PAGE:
A mounting bracket 62 which may be used to mount the housing 10 either on a side of the forklift truck or on a support in the refrigerated warehouse, say near an entrance to the warehouse, is attached to the rear end 16 of the housing. Since the bracket 62 is at the rear end, it supports the holder cantilevered from a support structure such as along side the cab of a fork lift truck or a wall or column inside the warehouse near the entrance to the refrigerated area thereof.
Referring to FIGS. 4 and 4A there is shown another holder 70 made of reinforced injection molded plastic material. The housing is beveled rearwardly and has sculptural details such as grooves 72 to enhance the appearance of the holder. The casing has shelves or ribs 74 and 76 paralleling the front end opening 78. A door 80 in the front end is provided by brushes 82 and 84 extending from base members 86. These base members are attached to the ribs 74 and 76 which are recessed into the housing 70 from its front end opening 78. The brushes 82 and 84 have bristles which contact at their free ends forming the sealing joint 86 of the front door 80.
The bottom door is mounted on horizontally extending and inwardly projecting shelves or ribs 88 and 90 and function in the same way as the brushes providing the bottom door 26.
In operation, there is sufficient permeability through the brushes constituting the doors to allow the escape of moisture as condensation evaporates from the bar code scanner. As an example of operation within a freezer which is maintained at a temperature of minus 32 degrees Fahrenheit and where the heater provides an environment in the chamber 20 at 95 degrees Fahrenheit, it is desirable to place the scanner in the holder from 2.5 to 6.5 minutes so as to relieve fogging and frosting conditions at the window after a period of 60 seconds of scanning operation outside of the holder.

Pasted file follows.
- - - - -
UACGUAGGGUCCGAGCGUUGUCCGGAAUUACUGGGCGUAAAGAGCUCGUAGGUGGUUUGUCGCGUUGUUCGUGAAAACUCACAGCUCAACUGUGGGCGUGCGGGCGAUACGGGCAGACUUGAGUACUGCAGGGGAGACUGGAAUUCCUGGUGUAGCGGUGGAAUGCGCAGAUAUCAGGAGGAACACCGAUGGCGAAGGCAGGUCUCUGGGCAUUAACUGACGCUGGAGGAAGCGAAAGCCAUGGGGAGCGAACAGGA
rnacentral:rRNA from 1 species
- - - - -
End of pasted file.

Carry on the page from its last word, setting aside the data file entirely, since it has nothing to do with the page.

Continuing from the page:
Variations and modifications in the herein described holder within the scope of the invention will undoubtedly suggest themselves to those skilled in the art of scanner systems applications. Accordingly the foregoing description should be taken as illustrative and not in a limiting sense.
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|U.S. Classification||235/462.46, 235/454|
|Oct 31, 1994||AS||Assignment|
Owner name: PSC, INC, NEW YORK
Free format text: ASSIGNMENT OF ASSIGNORS INTEREST;ASSIGNORS:WALTS, ROBERT H.;FURLAND, ALBERT J.;THORNTON, JAMES B.;REEL/FRAME:007307/0958
Effective date: 19941031
|Jan 9, 1995||AS||Assignment|
Owner name: PSC, INC., NEW YORK
Free format text: ASSIGNMENT OF ASSIGNORS INTEREST;ASSIGNOR:WALTS, ROBERT H.;REEL/FRAME:007310/0855
Effective date: 19950103
|Sep 12, 1996||AS||Assignment|
Owner name: FLEET BANK, NEW YORK
Free format text: SECURITY AGREEMENT;ASSIGNORS:PSC, INC.;PSC ACQUISITION, INC.;SPECTRA-PHYSICS SCANNING SYSTEMS, INC.;AND OTHERS;REEL/FRAME:008133/0346
Effective date: 19960712
|Oct 6, 1999||FPAY||Fee payment|
Year of fee payment: 4
|Sep 15, 2003||FPAY||Fee payment|
Year of fee payment: 8
|Dec 29, 2003||AS||Assignment|
|Sep 26, 2007||FPAY||Fee payment|
Year of fee payment: 12